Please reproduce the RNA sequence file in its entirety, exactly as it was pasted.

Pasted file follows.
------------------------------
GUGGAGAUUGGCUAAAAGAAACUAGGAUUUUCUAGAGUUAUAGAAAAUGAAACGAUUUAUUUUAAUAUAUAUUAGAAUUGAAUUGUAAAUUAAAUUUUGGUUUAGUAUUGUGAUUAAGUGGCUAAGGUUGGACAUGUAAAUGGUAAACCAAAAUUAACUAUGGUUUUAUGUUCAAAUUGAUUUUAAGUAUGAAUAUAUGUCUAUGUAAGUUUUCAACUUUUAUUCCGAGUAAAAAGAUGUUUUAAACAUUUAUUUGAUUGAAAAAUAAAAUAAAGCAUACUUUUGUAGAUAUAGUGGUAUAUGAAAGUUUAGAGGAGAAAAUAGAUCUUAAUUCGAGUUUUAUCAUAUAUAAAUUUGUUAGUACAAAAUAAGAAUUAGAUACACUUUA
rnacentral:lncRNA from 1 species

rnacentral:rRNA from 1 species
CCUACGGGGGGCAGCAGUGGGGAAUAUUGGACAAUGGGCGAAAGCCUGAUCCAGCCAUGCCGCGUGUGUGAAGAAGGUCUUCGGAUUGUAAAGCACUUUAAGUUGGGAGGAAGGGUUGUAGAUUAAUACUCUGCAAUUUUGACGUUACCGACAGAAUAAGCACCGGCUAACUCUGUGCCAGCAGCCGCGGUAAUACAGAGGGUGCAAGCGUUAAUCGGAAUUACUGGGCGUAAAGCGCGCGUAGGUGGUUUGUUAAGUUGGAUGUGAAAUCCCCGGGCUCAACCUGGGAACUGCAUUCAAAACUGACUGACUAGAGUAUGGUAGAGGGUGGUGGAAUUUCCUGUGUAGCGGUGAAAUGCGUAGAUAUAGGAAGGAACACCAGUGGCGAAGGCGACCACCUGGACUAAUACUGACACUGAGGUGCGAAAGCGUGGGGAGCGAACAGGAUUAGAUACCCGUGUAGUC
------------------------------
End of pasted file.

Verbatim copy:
GUGGAGAUUGGCUAAAAGAAACUAGGAUUUUCUAGAGUUAUAGAAAAUGAAACGAUUUAUUUUAAUAUAUAUUAGAAUUGAAUUGUAAAUUAAAUUUUGGUUUAGUAUUGUGAUUAAGUGGCUAAGGUUGGACAUGUAAAUGGUAAACCAAAAUUAACUAUGGUUUUAUGUUCAAAUUGAUUUUAAGUAUGAAUAUAUGUCUAUGUAAGUUUUCAACUUUUAUUCCGAGUAAAAAGAUGUUUUAAACAUUUAUUUGAUUGAAAAAUAAAAUAAAGCAUACUUUUGUAGAUAUAGUGGUAUAUGAAAGUUUAGAGGAGAAAAUAGAUCUUAAUUCGAGUUUUAUCAUAUAUAAAUUUGUUAGUACAAAAUAAGAAUUAGAUACACUUUA
rnacentral:lncRNA from 1 species

rnacentral:rRNA from 1 species
CCUACGGGGGGCAGCAGUGGGGAAUAUUGGACAAUGGGCGAAAGCCUGAUCCAGCCAUGCCGCGUGUGUGAAGAAGGUCUUCGGAUUGUAAAGCACUUUAAGUUGGGAGGAAGGGUUGUAGAUUAAUACUCUGCAAUUUUGACGUUACCGACAGAAUAAGCACCGGCUAACUCUGUGCCAGCAGCCGCGGUAAUACAGAGGGUGCAAGCGUUAAUCGGAAUUACUGGGCGUAAAGCGCGCGUAGGUGGUUUGUUAAGUUGGAUGUGAAAUCCCCGGGCUCAACCUGGGAACUGCAUUCAAAACUGACUGACUAGAGUAUGGUAGAGGGUGGUGGAAUUUCCUGUGUAGCGGUGAAAUGCGUAGAUAUAGGAAGGAACACCAGUGGCGAAGGCGACCACCUGGACUAAUACUGACACUGAGGUGCGAAAGCGUGGGGAGCGAACAGGAUUAGAUACCCGUGUAGUC